All in all, this is a mildly entertaining film that runs a bit thin by shows end. Tuttle's bumbling and cowardice offers a constant stream of comic relief reminiscent of the Abbott and Costello Meet…. Series. The cast is too large for its own good and Bela is underused as the mysterious butler. Still, worth a look of you’re a fan of the black-and-white comic pseudo-horror genre, just don't expect it to top your list.

75 Minutes
United States


Wednesday, November 14, 2012

Dark Ditties: A Death-Bed by James Aldrich

As something of a modern day beatnik, I occasionally crack a book of poetry.  As something of a horror fanatic, I'm always thrilled to find a poem that crosses the threshold into darker territory.  The following very-brief poem by editor-poet James Adrich is probably his most famous piece, but it deserves to be reprinted here.  It should be noted that this was taken from the 1897 book The Golden Treasury of American Songs and Lyrics, which can be downloaded for free by clicking HERE.

A Death-Bed
by James Aldrich

Her suffering ended with the day,
Yet lived she at its close,
And breathed the long, long night away
In statue-like repose.

But when the sun in all his state
Illumed the eastern skies,
She passed through Glory's morning gate
And walked in Paradise.

Tuesday, November 13, 2012

Season of the Hunted (2003)

Season of the Hunted

Written by Phil Faicco
Directed by Ron Sperling

Steve...Timothy Gibbs
Frank...Muse Watson
Charlie...Tony Travis
Al...Lou Martini, Jr.

This poorly shot, poorly executed, and poorly acted film bills itself as “Wrong Turn meets Cabin Fever,” but plays out more like Surviving the Game meets a train wreck, or perhaps The Deer Hunter meets an ‘Out of Order’ sign.

Five New York buddies—Frank, a Vietnam veteran; Steve, a heroic fire fighter; and three other full-grown men who do their best to act infantile at all times—head out of the city and into the wilderness for a hunter’s resort in the woods, where they’re guaranteed to score a kill. That, at least, is no lie.

After a night of beer drinking, poker playing, and watching the moronic Charlie come off like an even more obnoxious version of Joey Pants, the friends head into the woods for some nice relaxing deer killin’. There isn’t a deer in sight, however, only their redneck guides with shotguns, eying them hungrily and looking to hunt them instead.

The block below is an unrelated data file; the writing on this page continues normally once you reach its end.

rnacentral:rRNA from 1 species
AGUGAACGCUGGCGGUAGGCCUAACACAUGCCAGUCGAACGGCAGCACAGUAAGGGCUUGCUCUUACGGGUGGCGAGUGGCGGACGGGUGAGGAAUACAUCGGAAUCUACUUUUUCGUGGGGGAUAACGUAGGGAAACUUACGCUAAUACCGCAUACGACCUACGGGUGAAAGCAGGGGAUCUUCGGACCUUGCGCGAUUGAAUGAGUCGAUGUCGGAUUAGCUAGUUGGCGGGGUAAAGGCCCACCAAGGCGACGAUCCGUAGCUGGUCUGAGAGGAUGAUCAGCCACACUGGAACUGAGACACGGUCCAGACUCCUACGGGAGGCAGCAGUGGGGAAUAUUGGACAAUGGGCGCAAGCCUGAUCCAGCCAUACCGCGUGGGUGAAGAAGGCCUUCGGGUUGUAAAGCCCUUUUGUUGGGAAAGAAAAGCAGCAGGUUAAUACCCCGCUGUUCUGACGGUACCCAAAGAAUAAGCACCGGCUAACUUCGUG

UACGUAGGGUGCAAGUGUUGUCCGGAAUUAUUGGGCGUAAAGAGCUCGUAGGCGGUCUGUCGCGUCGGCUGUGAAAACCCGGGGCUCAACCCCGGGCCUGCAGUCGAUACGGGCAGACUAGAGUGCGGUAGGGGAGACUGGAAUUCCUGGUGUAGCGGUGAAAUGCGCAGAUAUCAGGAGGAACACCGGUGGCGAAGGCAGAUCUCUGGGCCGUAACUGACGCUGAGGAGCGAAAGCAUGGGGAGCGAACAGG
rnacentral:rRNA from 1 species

If it sounds like you’ve seen it before, you’re right. And believe me, you’ve seen it better. Granted, the excitement does pick up an iota once hunting season begins, but not nearly enough to overcome the grating characters, amateur action sequences, and predictable source material: A secret stew recipe? What could it be? A barn that visitors are forbidden to enter? What could be in it? I’ll give you a hint. You’re not a traveling salesman, there is no farmer’s daughter, and nobody’s getting off or laughing in the end.

We should be so lucky.

And what, by the way, was up with the seemingly tasteless dedication to the victims of September 11th?  I'm sure the filmmakers meant no disrespect, but dedicating an exploitation movie about murder to the victims of a terrorist attack falls just a little short of appropriate in my eyes.

A stinker from end to end.

Rated R
United States


Monday, November 12, 2012

Free Horror Goodies: 1001 Fonts

Websites to download free fonts are plentiful, but 1001 FREE FONTS (which offers a selection of horror and sci-fi themed fonts) has a cool feature called "Custom Preview" that allows you to enter your own text (for instance, your blog title) to see what it looks like in each font before you download.  If you have a screen-cap program or a snipping tool, you don't even have to download the font, just preview it, clip it, and save it to your harddrive.  Below is a sampling of a few of the fonts under the 'Horror' category, but there are plenty of other categories of interest as well.

Feast of Flesh
Riot Act
Ghost Writer

Totally fonted up and living on the dub side.

Sunday, November 11, 2012

Eerie #14, January 1954 (Avon Comics)

Eerie #14
January/February 1954
Avon Comics

Master Of The Dead: Madman Pierre Jarnac has dedicated his entire life to trying to raise the dead. After many failed attempts, he finally succeeds...but they don't obey him for long. Pretty mediocre, and the art isn't as graphic as one would expect. Strangely, there's a bit of an anti-war message beneath it all.

Thou Shalt Not Dream!: Bob Grant has been having murderous dreams since he was a child. As he grows up, he realizes he's closer than ever to fulfilling those dreams. A rather strange story about reincarnation (as diagnosed by a psychiatrist!) and attempting to escape your fate. It's really pretty misogynistic, and the reactions of Bob's wife are unlikely to say the least.

Horror Man (Text Story): Horror movie star Tracy Collins approaches his doctor with a problem: he believes he's become a werewolf just like he has played onscreen! Corny and predictable, but still one of the better text stories they were forced to include in these issues.

Snake-Eyes Of Doom!: A born-loser gambler thinks his luck has changed when he scores a pair of magical dice from a hobo. Little does he know the hobo's true identity, or the price that comes with the dice. A decent story despite some truly cheesy moments--like mobsters being crushed by an enormous pair of dice.

Satan's Woman Prize!: A demon-caressed harlot goes through life causing men to fight--and sometimes kill--for her affection. Another misogynistic and horrendously dated piece full of corny dialogue, but Satan himself acts as a major character in the plot.

Eerie #14 can be accessed free and legally at the Digital Comic Museum by clicking HERE.



Related Posts with Thumbnails